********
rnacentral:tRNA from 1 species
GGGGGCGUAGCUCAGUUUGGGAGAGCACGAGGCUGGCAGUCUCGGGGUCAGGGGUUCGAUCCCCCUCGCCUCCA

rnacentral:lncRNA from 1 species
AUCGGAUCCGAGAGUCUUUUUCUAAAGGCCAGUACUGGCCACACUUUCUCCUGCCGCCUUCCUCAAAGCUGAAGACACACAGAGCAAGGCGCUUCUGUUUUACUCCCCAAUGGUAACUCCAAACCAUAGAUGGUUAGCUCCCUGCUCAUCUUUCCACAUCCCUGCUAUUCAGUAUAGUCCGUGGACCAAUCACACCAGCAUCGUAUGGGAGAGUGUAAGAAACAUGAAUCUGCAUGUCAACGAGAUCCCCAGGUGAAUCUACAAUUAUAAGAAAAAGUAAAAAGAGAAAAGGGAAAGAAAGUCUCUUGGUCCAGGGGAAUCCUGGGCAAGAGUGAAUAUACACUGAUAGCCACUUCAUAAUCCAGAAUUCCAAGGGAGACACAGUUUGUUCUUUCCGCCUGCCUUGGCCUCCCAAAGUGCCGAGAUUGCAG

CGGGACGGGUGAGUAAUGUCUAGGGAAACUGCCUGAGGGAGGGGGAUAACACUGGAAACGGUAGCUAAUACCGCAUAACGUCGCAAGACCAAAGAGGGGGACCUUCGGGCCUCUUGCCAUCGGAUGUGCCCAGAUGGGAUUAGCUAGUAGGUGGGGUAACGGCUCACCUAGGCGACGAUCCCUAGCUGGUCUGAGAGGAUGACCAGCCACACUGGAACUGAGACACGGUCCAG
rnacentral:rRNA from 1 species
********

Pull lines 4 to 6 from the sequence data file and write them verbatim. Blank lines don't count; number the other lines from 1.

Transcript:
AUCGGAUCCGAGAGUCUUUUUCUAAAGGCCAGUACUGGCCACACUUUCUCCUGCCGCCUUCCUCAAAGCUGAAGACACACAGAGCAAGGCGCUUCUGUUUUACUCCCCAAUGGUAACUCCAAACCAUAGAUGGUUAGCUCCCUGCUCAUCUUUCCACAUCCCUGCUAUUCAGUAUAGUCCGUGGACCAAUCACACCAGCAUCGUAUGGGAGAGUGUAAGAAACAUGAAUCUGCAUGUCAACGAGAUCCCCAGGUGAAUCUACAAUUAUAAGAAAAAGUAAAAAGAGAAAAGGGAAAGAAAGUCUCUUGGUCCAGGGGAAUCCUGGGCAAGAGUGAAUAUACACUGAUAGCCACUUCAUAAUCCAGAAUUCCAAGGGAGACACAGUUUGUUCUUUCCGCCUGCCUUGGCCUCCCAAAGUGCCGAGAUUGCAG

CGGGACGGGUGAGUAAUGUCUAGGGAAACUGCCUGAGGGAGGGGGAUAACACUGGAAACGGUAGCUAAUACCGCAUAACGUCGCAAGACCAAAGAGGGGGACCUUCGGGCCUCUUGCCAUCGGAUGUGCCCAGAUGGGAUUAGCUAGUAGGUGGGGUAACGGCUCACCUAGGCGACGAUCCCUAGCUGGUCUGAGAGGAUGACCAGCCACACUGGAACUGAGACACGGUCCAG
rnacentral:rRNA from 1 species